These days, resilience is something that’s on all of our minds. We often hear it talked about in the context of how well we can “bounce back” from a setback or crisis. In some ways, though, bouncing back implies that we’re at the mercy of everything that’s going on around us. Or as Ann Herrmann-Nehdi put it in a recent LinkedIn post, “It feels like I am in a pinball machine.”
It's vital to continue to learn — however you can, wherever you can. In other words; challenge yourself to be a learner and not just a knower. But what exactly does being a learner really look like and entail?
Keep your growth mindset active doesn't have to be as taxing or heavy as you may think. Make it simple! Here are some quick mind hacks to keep you learning and growing on a daily basis.
Management consulting and human resources services group Edurom today enters a new partnership with Herrmann, global leader in the application of cognitive science to talent management, learning and development.
The partnership between the two companies means Edurom is now an official provider of Whole Brain® Thinking, a scalable framework built upon understanding of individual thinking preferences.
Understanding how you think is important. It is just as important as taking time out of the daily whirlwind to really think. Uninterrupted thinking time is one of the most essential ingredients for a more creative, productive, and satisfying life. (We like to think so, at least! Pun, semi-intended.)
Silicon Valley’s “diversity problem” has been getting a lot of attention for years, with articles digging into the lack of inclusive culture among of the technology industry and the growing pressure for change in the industry. There are even dynamic charts that track the diversity of the workforce and leadership in tech companies so you can stay up-to-date on where they are and how they compare. It's not just the technology industry that could stand for an overhaul of DEI policies, though.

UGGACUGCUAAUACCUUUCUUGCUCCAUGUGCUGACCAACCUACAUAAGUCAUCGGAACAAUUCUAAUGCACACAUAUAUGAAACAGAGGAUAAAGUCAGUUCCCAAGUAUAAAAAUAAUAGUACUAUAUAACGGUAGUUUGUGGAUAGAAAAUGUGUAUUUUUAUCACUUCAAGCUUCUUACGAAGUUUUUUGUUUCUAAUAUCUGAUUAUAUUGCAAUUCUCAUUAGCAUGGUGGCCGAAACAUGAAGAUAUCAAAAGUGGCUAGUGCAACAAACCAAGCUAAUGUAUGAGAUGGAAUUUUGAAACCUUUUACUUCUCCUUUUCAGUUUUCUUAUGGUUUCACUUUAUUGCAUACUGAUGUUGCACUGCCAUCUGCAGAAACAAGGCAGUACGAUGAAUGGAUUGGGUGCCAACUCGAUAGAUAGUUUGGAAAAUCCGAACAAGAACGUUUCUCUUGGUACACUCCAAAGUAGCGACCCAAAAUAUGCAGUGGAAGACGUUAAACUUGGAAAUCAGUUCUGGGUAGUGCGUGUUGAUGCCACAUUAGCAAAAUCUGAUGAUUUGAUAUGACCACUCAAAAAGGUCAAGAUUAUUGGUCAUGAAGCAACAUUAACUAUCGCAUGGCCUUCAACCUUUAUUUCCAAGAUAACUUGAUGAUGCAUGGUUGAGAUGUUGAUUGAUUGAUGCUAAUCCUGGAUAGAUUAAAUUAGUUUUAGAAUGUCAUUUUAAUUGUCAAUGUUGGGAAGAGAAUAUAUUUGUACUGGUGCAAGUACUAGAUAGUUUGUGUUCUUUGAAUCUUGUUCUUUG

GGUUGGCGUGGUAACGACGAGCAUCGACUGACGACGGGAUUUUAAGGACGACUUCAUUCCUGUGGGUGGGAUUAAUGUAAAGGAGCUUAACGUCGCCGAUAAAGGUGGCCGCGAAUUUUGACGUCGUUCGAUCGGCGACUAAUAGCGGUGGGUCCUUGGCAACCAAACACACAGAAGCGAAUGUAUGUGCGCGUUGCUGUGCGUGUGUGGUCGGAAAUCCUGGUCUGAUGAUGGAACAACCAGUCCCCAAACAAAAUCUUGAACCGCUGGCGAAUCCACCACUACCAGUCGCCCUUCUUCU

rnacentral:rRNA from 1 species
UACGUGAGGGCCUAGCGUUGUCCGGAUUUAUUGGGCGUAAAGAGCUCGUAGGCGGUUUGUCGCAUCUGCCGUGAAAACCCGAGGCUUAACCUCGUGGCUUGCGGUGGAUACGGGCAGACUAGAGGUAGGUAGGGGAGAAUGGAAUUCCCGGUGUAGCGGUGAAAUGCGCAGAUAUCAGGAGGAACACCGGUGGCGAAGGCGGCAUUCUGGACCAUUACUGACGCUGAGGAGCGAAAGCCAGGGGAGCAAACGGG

[This post is an email that we sent to our clients on June 4, 2020.]
We felt it was important to reach out to you right now, as you are probably feeling a range of emotions in response to the horrific deaths of George Floyd, Breonna Taylor, and other people of color. We are, too. This grief is becoming all too familiar.
The shift to pandemic-related uncertainty and distributed work caught a lot of teams unprepared. By now, most have adjusted to the basics of remote work – spending most of your days on video calls and chat with your team, but have you asked yourself whether—and how—you could be doing things better than you were before disruption?
Over the past few years, more and more corporate leaders and consultants have been talking about a “new” kind of workplace diversity: cognitive diversity, which can also be referred to as diversity of thought.
All the attention it’s getting is something of a double-edged sword, though. On the one hand, it’s great that so many people are beginning to see that cognitive diversity plays an important role in a business’s success.
But on the other, the term itself is getting thrown around so much—often in very general or superficial ways—that it risks becoming just another piece of meaningless jargon.
Cognitive diversity isn’t just new packaging on an old idea about the dangers of surrounding yourself with “yes men.” It’s also not just another way of saying that if you let conflicting ideas and perspectives rub up against each other for a long enough time, eventually something positive will come from it.
In some form or fashion, working virtually has quickly become the reality for most of us today. And whether you’re working with colleagues, customers, vendors or others, there are more tools and apps than ever to help you collaborate across any distance, whether it's across the country or even across the globe.
But no matter how many tools and devices you have, effective collaboration still comes down to how effectively the parties communicate with each other. Particularly when you don’t always have the advantage of visual cues, tone of voice, or cultural nuances, the chances for miscommunication are high.
Here are 4 steps for making sure your communications get across in the way you intended, no matter what technology you use (these can even useful for when you’re communicating in person):
A little over a decade ago, the remote workforce was dominated by people in outside sales roles. They came into the office on occasion for meetings or, if they were local, to load up on marketing brochures and office supplies. But for the most part, they were out of sight.